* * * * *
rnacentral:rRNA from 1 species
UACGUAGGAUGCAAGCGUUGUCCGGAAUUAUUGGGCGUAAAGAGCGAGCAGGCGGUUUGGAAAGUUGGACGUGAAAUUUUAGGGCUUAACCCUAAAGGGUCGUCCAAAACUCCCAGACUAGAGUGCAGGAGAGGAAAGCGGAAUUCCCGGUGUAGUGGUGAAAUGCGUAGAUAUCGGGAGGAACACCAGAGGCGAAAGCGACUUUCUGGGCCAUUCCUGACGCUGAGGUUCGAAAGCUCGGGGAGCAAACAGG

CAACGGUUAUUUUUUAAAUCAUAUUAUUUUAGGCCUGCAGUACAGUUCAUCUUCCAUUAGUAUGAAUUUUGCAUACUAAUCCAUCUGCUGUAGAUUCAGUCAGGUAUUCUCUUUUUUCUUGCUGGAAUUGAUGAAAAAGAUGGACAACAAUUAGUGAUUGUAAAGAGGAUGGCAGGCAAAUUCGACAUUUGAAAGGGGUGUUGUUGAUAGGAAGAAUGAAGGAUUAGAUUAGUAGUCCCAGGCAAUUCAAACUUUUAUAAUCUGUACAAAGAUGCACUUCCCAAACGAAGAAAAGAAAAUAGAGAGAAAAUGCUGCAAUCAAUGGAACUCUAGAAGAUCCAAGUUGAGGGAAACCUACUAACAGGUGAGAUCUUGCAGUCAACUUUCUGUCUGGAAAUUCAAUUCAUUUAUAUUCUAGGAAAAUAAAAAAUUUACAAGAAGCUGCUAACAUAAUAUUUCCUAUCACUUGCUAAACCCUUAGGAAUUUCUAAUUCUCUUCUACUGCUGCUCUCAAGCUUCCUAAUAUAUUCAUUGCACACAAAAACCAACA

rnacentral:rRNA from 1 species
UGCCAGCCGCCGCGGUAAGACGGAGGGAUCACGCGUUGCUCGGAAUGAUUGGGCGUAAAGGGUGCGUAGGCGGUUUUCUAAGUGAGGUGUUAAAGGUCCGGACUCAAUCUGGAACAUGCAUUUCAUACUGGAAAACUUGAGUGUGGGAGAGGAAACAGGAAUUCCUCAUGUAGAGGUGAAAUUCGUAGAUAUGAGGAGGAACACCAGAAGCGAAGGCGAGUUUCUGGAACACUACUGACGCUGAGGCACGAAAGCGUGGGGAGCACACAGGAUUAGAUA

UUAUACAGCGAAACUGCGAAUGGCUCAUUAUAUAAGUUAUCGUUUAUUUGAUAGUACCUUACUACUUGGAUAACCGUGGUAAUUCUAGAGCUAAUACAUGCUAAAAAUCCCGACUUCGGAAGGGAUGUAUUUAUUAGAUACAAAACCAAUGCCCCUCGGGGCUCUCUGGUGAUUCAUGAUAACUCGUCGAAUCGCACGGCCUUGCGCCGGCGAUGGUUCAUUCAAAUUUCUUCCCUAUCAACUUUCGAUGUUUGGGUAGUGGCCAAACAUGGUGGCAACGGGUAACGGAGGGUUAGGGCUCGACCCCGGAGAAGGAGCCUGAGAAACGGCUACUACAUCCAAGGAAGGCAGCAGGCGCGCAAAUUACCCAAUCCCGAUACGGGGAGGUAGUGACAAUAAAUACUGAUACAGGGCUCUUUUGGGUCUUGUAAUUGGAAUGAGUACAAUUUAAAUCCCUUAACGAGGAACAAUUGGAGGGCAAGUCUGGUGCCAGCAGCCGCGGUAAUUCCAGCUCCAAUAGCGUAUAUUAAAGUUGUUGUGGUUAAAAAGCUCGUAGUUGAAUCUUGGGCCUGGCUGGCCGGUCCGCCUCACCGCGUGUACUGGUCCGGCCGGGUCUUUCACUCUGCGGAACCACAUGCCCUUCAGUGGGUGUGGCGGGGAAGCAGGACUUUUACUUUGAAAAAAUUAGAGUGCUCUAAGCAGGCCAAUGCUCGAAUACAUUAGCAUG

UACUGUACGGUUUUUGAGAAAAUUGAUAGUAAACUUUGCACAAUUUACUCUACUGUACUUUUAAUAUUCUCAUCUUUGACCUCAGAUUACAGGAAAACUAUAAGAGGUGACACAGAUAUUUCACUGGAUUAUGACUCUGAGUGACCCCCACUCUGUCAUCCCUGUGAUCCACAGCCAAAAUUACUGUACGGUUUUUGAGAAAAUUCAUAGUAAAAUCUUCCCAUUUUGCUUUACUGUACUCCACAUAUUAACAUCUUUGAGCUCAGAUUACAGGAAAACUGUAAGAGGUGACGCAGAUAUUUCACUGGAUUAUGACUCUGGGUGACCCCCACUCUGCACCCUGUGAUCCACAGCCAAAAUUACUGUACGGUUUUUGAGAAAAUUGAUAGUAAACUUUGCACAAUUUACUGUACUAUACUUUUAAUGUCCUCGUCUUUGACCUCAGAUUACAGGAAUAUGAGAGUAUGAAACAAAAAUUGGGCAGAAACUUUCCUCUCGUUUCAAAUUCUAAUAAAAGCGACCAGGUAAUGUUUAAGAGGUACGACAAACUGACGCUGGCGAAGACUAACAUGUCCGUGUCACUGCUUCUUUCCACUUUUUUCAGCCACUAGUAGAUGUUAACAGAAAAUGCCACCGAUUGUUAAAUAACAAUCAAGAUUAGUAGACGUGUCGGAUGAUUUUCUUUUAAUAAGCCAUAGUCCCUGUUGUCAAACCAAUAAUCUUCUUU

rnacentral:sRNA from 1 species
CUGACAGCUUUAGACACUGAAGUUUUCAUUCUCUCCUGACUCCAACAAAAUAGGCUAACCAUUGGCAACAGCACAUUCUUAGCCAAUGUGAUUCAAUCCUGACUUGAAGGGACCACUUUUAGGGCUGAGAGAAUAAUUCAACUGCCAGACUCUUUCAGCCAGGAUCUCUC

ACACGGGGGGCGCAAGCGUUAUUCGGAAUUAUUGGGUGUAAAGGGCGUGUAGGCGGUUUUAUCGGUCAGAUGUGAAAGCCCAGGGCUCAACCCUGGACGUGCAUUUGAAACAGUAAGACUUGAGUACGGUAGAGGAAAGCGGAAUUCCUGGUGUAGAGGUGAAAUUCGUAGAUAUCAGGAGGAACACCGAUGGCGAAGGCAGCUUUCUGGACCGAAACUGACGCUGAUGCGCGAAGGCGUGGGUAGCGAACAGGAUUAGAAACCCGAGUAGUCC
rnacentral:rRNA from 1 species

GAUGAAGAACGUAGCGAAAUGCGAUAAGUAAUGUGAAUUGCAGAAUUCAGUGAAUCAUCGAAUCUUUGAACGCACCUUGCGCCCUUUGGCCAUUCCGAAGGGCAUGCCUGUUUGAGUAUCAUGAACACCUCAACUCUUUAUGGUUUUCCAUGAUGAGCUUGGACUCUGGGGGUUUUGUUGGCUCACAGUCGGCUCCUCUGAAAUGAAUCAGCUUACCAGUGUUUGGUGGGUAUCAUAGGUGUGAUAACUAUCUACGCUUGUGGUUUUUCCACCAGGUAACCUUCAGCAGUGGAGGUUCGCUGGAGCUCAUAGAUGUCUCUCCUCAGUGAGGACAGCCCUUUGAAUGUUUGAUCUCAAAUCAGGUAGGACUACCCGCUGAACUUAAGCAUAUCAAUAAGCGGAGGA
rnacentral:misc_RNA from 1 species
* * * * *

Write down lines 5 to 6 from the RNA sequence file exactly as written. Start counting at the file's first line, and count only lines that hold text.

UGCCAGCCGCCGCGGUAAGACGGAGGGAUCACGCGUUGCUCGGAAUGAUUGGGCGUAAAGGGUGCGUAGGCGGUUUUCUAAGUGAGGUGUUAAAGGUCCGGACUCAAUCUGGAACAUGCAUUUCAUACUGGAAAACUUGAGUGUGGGAGAGGAAACAGGAAUUCCUCAUGUAGAGGUGAAAUUCGUAGAUAUGAGGAGGAACACCAGAAGCGAAGGCGAGUUUCUGGAACACUACUGACGCUGAGGCACGAAAGCGUGGGGAGCACACAGGAUUAGAUA

UUAUACAGCGAAACUGCGAAUGGCUCAUUAUAUAAGUUAUCGUUUAUUUGAUAGUACCUUACUACUUGGAUAACCGUGGUAAUUCUAGAGCUAAUACAUGCUAAAAAUCCCGACUUCGGAAGGGAUGUAUUUAUUAGAUACAAAACCAAUGCCCCUCGGGGCUCUCUGGUGAUUCAUGAUAACUCGUCGAAUCGCACGGCCUUGCGCCGGCGAUGGUUCAUUCAAAUUUCUUCCCUAUCAACUUUCGAUGUUUGGGUAGUGGCCAAACAUGGUGGCAACGGGUAACGGAGGGUUAGGGCUCGACCCCGGAGAAGGAGCCUGAGAAACGGCUACUACAUCCAAGGAAGGCAGCAGGCGCGCAAAUUACCCAAUCCCGAUACGGGGAGGUAGUGACAAUAAAUACUGAUACAGGGCUCUUUUGGGUCUUGUAAUUGGAAUGAGUACAAUUUAAAUCCCUUAACGAGGAACAAUUGGAGGGCAAGUCUGGUGCCAGCAGCCGCGGUAAUUCCAGCUCCAAUAGCGUAUAUUAAAGUUGUUGUGGUUAAAAAGCUCGUAGUUGAAUCUUGGGCCUGGCUGGCCGGUCCGCCUCACCGCGUGUACUGGUCCGGCCGGGUCUUUCACUCUGCGGAACCACAUGCCCUUCAGUGGGUGUGGCGGGGAAGCAGGACUUUUACUUUGAAAAAAUUAGAGUGCUCUAAGCAGGCCAAUGCUCGAAUACAUUAGCAUG